In under a week, we will be reunited with Friends!! On TV, that is, on Crave, the long-awaited reunion special of the show that’ll be there for you. Jennifer Aniston, Courteney Cox, Lisa Kudrow, Matt LeBlanc, Matthew Perry, and David Schwimmer get comfy on the couches at their old home Stage 24, on the Warner Bros. Studio lot and revisit those glory years. Friends: The Reunion promises to warm the heart, and make us laugh and drink up those familiar faces we love. It goes down Thursday, May 27th, but there’s a full day of celebrations on the 26th including pre-show entertainment and outdoor screenings in two iconic locations – The Greens at Pier 17 in New York City, NY and at the Hollywood Forever Cemetery and online via #SuperFriendsFan UGC sweepstakes via HBOMax, HBOMaxPop and Friends social channels. Also, check out the #CentralPerkWatchParties hashtag, chat capabilities and a digital & the Social Red Carpet Wednesday, May 26th from 4:40 – 11:30 ET to 8:30 pm ET. There will be exclusive programming, guest-star appearances and live segments from the ‘Friends Reunite for Friends’ screening events in New York and Los Angeles leading up to the reunion special.
Oprah Winfrey and Prince Harry, the Duke of Sussex tackle mental health and emotional well-being in their AppleTV+ documentary series The Me You Can’t See, out next Thursday. An apt title as Harry’s Royal life has played out for all to see, a front he recently demolished in his interview with Winfrey, alongside his wife, Meagan. they admitted to having had personal issues and, given her influence, partnered to spread the message of inclusion, hope and wellness. Celebrity guests include Lady Gaga, Glenn Close, San Antonio Spurs’ DeMar DeRozan, Phoenix Suns’ Langston Galloway, Mental Health Advocate and Speaker Zak Williams, Olympic Boxer Virginia “Ginny” Fuchs, Celebrity Chef Rashad Armstead. Says Winfrey “Now more than ever, there is an immediate need to replace the shame surrounding mental health with wisdom, compassion, and honesty. Our series aims to spark that global conversation.” Prince Harry adds “We are born into different lives, brought up in different environments, and as a result are exposed to different experiences. But our shared experience is that we are all human. The majority of us carry some form of unresolved trauma, loss, or grief, which feels—and is—very personal. Yet the last year has shown us that we are all in this together, and my hope is that this series will show there is power in vulnerability, connection in empathy, and strength in honesty.” The Me You Can’t See was created in partnership with an advisory board of mental health professionals and experts across a variety of specialties. Pre-release parties both in-person and online begin Wednesday.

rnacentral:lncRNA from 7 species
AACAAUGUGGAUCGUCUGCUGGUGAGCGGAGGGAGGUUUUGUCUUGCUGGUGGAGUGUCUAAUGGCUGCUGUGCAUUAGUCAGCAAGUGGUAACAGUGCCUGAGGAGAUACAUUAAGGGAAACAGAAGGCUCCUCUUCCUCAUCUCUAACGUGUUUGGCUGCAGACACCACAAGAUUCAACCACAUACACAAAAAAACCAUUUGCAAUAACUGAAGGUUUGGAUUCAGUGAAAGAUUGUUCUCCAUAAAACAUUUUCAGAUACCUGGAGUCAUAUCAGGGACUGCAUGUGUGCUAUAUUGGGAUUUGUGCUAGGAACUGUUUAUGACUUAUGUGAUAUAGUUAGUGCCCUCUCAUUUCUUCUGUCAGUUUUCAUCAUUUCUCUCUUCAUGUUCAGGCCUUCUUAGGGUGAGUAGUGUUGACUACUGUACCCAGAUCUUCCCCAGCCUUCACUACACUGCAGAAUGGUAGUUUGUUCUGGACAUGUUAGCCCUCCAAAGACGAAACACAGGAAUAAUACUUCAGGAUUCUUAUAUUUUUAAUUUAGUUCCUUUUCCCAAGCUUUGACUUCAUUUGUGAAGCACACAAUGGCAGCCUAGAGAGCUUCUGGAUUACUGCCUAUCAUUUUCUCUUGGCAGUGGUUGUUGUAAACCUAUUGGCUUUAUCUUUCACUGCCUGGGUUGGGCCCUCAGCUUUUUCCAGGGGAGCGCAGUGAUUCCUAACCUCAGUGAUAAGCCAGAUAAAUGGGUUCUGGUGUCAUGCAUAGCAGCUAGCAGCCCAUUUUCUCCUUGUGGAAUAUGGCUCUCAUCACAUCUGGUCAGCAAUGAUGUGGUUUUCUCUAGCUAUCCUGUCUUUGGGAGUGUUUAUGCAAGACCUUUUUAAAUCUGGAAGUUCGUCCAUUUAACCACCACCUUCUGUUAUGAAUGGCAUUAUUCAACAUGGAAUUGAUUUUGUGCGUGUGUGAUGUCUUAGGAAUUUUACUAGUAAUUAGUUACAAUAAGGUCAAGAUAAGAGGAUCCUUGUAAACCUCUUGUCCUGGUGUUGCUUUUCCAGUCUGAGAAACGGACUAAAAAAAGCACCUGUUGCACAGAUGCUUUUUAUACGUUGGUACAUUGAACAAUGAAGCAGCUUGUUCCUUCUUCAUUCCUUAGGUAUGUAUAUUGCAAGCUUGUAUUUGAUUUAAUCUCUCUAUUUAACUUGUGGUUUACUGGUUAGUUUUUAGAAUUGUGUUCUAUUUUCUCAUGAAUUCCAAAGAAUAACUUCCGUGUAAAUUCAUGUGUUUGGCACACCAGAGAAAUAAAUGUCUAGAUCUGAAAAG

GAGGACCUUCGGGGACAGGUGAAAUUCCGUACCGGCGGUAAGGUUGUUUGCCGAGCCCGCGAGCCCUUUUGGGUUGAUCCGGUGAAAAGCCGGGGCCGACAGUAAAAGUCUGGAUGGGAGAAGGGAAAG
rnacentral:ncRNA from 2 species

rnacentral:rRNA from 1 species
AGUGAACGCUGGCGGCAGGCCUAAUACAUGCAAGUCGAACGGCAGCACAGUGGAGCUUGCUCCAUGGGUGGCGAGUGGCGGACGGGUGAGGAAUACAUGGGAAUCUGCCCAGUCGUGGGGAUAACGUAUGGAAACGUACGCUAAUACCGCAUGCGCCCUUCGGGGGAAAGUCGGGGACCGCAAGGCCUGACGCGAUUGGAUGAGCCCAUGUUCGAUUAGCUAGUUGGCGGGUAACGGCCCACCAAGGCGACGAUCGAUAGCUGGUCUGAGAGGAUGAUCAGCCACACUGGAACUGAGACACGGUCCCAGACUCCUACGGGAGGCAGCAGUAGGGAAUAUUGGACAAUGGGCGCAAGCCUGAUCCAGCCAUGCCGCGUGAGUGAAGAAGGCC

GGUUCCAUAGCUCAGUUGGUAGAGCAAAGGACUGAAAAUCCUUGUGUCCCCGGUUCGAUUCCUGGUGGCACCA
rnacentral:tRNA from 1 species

One of my favourite comedies from last year is back for another kick at the comedy can. Rafe Spall and Esther Smith star in S2 of Apple TV+Trying a delightfully funny, wry and honest look at a London couple trying to have a baby. Season 1 found then learning they can procreate, so a decision is made, finally agree to look into adoption. Season 2 goes there with heart-tugging and hilarious results around their hopes, preparations, and attempts to ditch bad habits to become good parents. Friends and family ask the wrong questions and the anxiety returns. the chemical frisson between the leads is a joy to witness. They get into awkward scraps, lie, sabotage one another, mess with the other, sure, but these two are truly in love, matched spirits. Even as they go from room to room in their small flat their hips seem to be joined together, to move as one. But they’re having Eight wonderful episodes the key6 to the success of this series is its likeability. It’s witty, fast-paced and poignant and we like it, we really like it! and I’ve never
missed a show the way I missed Trying between seasons.
Mads Mikkelsen stars in the Danish action thriller / black comedy with a twist, Riders of Justice, from Anders Thomas Jensen. Mikkelsen’s Markus is a soldier stationed in Afghanistan who calls his wife and daughter in Denmark to say he must stay a further three months. A few hours later, his wife is killed when the subway in which she and her daughter are travelling explodes. Markus returns home and is approached by a trio of statisticians who tell him the explosion was deliberately set so his wife was murdered. One of them had a brief exchange with her and noticed a man behaving strangely. He can prove, numerically speaking, that the man was responsible and that and was connected to a violent street gang. Turns out one of the dead was the lawyer for a gangster turned informant. Daughter Mathilde’s (Andrea Heick Gadeberg) bike is stolen – is there a connection? She’s suffering following her mum’s death, but Markus offers no real affection or love or therapy, telling her to get on with it. She acts out, tensions rise and the situation becomes entangled in the murder case. Turns out Mathilde is also a student of probabilities and joins the statisticians to solve the case. But then the gang shows up on their doorstep. I’m not exactly sure why it’s called a comedy, there are light moments at the expense of the statisticians, but overall this is dark, dark and dark. TVOD.